Schaffer is S160: It begins with an S, ignore c because it has the same code# as S (2), ignore h and a, ff = 1, ignore e, r = 6, and add a final 0 to complete the 4 character code. For Shaver it is also S160. This means, when searching for my Shaffer/Shaver ancestors I can use the Soundex Code to find many of the spelling variants, like Shaffer and Sheaver.
Haller or Holler
My Holler ancestor arrived on the ship “Samuel” in 1733.  The name did not so much change from Haller to Holler as it was, and still is, used interchangeably as either Haller or Holler. To this day the family reunion is Haller/Holler and semi-regularly held in Shenandoah County, VA. Fortunately, both Haller and Holler are H460 in the Soundex. And, that also covers the occasional Heller and Hawler spellings!
Sivey and Leiby
I have a brick wall ancestor named Mathias Sivey, 1740-1805.  While researching his property deeds I noticed a transcription for his name as Levy. That got me thinking how old-time cursive writings’ capital letter S looks a lot like capital letter L, and vice-versa. I then began using the Soundex L100 (in addition to S100 for Sivey) and found many records for a Mathias Leiby, living in the right locations, with family ties that match my Mathias Sivey. After that I checked my DNA matches and found MANY with an ancestor named Friederich Leiby. I have not yet found definitive proof to connect Mathias Sivey to Friederich Leiby, but the evidence is suggestive. Also, S100 and L100 cover many of the variations I have found, such as Leibi, Sivy and Sevy.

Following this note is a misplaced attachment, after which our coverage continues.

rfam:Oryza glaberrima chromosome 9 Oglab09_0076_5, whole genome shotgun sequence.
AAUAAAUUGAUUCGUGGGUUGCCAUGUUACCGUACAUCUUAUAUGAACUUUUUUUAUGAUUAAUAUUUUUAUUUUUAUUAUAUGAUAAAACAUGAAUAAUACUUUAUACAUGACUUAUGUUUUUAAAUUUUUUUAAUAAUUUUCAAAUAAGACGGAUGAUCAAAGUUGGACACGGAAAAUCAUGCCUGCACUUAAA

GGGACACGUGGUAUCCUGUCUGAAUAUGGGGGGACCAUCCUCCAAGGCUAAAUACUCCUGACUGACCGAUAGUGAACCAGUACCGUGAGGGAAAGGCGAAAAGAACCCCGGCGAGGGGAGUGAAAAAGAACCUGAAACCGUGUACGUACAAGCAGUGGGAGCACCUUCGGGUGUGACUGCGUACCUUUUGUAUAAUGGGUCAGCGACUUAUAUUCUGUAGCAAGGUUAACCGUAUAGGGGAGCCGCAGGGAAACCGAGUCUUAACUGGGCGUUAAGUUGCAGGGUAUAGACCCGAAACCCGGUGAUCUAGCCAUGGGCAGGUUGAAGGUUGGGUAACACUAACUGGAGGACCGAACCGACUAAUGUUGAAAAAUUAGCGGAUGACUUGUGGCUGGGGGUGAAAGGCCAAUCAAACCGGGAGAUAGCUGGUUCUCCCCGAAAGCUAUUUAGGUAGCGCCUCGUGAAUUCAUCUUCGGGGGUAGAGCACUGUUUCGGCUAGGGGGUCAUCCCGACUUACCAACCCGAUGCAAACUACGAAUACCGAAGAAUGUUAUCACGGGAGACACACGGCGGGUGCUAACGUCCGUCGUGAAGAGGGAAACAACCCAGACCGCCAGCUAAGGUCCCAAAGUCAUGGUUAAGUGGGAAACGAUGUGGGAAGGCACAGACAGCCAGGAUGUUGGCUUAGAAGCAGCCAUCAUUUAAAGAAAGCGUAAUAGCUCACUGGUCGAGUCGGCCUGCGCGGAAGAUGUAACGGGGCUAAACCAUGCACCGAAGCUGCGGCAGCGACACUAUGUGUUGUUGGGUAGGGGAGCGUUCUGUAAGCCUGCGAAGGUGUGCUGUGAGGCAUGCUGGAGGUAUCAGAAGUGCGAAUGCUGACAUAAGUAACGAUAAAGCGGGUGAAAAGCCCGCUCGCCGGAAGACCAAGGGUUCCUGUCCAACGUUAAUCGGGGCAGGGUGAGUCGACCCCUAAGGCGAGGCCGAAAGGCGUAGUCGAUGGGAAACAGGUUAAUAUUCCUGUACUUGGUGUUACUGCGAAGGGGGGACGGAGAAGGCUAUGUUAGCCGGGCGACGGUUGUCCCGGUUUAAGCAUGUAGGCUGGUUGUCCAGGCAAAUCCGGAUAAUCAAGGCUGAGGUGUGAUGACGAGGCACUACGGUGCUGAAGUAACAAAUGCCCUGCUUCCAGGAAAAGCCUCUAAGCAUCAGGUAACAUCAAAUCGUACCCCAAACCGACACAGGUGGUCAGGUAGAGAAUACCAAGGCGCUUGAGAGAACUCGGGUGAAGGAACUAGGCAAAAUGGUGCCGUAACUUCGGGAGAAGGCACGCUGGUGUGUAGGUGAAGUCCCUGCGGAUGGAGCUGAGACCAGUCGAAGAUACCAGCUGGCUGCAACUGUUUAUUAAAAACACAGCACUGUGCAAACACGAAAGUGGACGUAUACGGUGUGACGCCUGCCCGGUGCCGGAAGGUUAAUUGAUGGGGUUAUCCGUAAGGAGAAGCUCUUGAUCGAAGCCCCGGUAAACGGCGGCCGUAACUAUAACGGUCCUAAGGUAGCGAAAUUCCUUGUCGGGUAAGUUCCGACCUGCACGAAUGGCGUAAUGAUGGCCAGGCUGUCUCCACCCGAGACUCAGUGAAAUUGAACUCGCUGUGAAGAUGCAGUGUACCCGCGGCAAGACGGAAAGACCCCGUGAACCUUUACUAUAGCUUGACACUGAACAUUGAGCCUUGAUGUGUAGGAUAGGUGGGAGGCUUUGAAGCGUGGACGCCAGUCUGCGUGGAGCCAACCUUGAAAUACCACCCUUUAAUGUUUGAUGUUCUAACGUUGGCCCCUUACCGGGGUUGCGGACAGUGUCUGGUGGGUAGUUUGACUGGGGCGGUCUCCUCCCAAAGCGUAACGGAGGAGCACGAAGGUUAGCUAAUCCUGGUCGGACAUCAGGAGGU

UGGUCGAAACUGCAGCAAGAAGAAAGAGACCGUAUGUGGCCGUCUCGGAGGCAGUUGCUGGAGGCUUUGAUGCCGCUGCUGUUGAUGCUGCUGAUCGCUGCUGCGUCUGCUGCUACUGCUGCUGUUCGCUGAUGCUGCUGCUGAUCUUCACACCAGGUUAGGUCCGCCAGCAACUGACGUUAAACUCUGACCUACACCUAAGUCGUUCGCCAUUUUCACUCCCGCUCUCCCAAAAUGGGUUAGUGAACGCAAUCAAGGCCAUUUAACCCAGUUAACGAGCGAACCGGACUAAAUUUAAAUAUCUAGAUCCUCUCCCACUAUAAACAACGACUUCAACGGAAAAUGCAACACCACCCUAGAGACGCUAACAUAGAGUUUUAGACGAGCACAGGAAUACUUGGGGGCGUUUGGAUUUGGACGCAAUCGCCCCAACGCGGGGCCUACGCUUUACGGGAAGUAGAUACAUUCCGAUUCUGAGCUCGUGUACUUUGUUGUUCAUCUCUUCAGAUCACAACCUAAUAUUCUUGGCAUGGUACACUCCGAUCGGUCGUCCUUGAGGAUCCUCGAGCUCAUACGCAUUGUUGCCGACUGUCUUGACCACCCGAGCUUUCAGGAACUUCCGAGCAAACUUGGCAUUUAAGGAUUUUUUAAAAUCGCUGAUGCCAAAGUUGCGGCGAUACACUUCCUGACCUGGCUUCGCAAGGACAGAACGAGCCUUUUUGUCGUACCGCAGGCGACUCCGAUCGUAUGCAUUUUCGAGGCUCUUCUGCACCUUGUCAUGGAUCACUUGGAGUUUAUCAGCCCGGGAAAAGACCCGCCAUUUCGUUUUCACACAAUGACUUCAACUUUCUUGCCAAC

Laferre to LaFara
I wrote a post back in 2019 about using the Soundex Code for my own surname to find records for the many variant spellings.  L160 covers the earliest spelling, Laferre, and the current one, LaFara. Plus, it also catches many in between: Lafaree, Lafferrey, Laffer, Lafaree, Leferey, Lefary, Lefary, Lafferry, Leffry AND Lafary! Wildcards alone could find these, but it also finds MANY more surnames that I do not care to sort through. Furthermore, this is a case when I needed to consider that the beginning letters of my surname often sound like a prefix. Therefore, searching with Soundex F600 helped me find the 1850 census that has my 3rd great grandfather listed as John Lee Ferry.  This code eliminated any surnames beginning with F that had a consonant (other then H, W, Y) after the R.